“But, Mumma, I want to eat it!”
Hama-Guri’s mother was reaching her point of exasperation. Her son was, in general, a thinking and an understanding boy. So, seeing him demand all kinds of junk food for the past few weeks and having a melt down when she did not succumb to it, was both worrying and irritating for her.
Getting a grip over her temper, she cleared her throat and tried to explain to him yet again. “I know Hama that those burgers look yummy but you cannot have them so often. I did allow you to have it a week ago.”
“I need money Mumma.” Hama-Guri said, a little impatiently.
“I have heard that quite a few times since morning, dear. But you have not told me why.”
His mother knew that her child had his reasons. But she wanted to know what it was. In fact, she did not mind giving him a little pocket money when he helped her with some chore in the house. But this sudden demand of his for money that he wanted to take to school sounded a little fishy.
“I can’t tell you Mumma.” Hama replied, just before he put a spoonful of porridge into his mouth.
She looked at him surprised. He had never said such a thing before. Why was he hiding? Rather, what was he hiding?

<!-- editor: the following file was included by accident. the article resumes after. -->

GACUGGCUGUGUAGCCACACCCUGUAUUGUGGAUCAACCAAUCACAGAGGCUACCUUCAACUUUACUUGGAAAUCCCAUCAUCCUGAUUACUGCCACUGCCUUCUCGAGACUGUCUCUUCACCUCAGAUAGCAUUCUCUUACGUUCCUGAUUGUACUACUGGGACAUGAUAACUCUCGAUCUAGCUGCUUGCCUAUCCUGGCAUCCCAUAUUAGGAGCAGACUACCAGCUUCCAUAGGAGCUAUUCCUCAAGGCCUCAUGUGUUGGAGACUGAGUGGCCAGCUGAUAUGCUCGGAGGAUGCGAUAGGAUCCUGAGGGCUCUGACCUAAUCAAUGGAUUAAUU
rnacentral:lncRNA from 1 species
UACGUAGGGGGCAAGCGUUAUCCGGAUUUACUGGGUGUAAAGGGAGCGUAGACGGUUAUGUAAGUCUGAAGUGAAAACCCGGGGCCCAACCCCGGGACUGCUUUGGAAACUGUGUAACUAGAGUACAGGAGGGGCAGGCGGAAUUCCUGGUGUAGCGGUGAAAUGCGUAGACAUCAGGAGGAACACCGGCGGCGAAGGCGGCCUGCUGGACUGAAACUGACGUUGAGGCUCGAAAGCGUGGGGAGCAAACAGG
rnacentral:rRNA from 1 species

The increasing importance of this age-old practice in the current context of education
For all those who have been in close contact kids, the sight of a dreamy child, staring out of the window, weaving tales of his own fancy, is very common. And for those of us who remember our own childhood well, this is something each one of us, too, did at least once in our lives. Don’t shake your head, you did it too!
Stories capture the boundless imagination of the human brain in the most vivid manner possible, with a myriad shades adorning the canvas of the mind. They have the power to captivate listeners and set their minds free to visualise and paint a picture that suit their fantasy. And children’s minds are clean slates, eager to experience the world and its many hues, and stories get etched in their minds for a very long time.